4. Keep a competition journal. Take notes during your preparation to remind yourself of methods you will be using and what areas need improvement. Log your progress — it builds confidence to flip back through your competition journal and see how you’ve improved with practice. Form responses to potential questions from judges about your inspirations and technique. They will ask, so have well-thought-out answers ready to fly.
  5. Practice, practice, practice, part 1: Technique! As for how to practice, it’s really just more of what you’ve done through your technical education. Start on mannequins so you can perfect your lines and methods. Move onto live models — recruit friends, family, strangers (people love the idea of modeling). If you have chosen your hair model for the live portion of the competition, practice styling her hair again and again in different ways to get familiar with it. You’ll want to know her hair texture well and understand how it reacts to certain products. You will also want to be very familiar with the shape of her head and face.After getting the techniques down, if it’s a live competition, start timing yourself as you practice. If your goal is to perform live, you’ll need to stay within the time frame — you’ll be surprised (i.e., horrified) at how quickly the minutes fly by.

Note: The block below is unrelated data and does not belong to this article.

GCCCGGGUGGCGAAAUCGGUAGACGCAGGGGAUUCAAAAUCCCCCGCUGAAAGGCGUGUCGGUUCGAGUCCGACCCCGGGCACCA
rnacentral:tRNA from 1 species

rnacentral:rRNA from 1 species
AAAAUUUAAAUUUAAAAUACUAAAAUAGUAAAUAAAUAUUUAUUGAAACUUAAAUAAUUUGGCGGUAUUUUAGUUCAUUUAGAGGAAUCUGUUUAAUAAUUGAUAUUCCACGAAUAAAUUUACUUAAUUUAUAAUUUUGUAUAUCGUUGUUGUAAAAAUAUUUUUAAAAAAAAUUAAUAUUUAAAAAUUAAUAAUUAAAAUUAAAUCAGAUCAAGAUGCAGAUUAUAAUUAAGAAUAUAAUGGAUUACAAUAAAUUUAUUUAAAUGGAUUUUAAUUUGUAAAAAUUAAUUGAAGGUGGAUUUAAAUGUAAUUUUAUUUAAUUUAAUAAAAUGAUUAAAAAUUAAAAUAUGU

6. Practice, practice, practice, part 2: Professionalism! Did you know that judges often dock points if you’re too sloppy at your station, if you’re using bleep-able language, or if you show up looking like a hot mess (no matter how good your model looks)? Practice working efficiently and neatly, and dress like you’re going to a job interview — all in black is your best bet.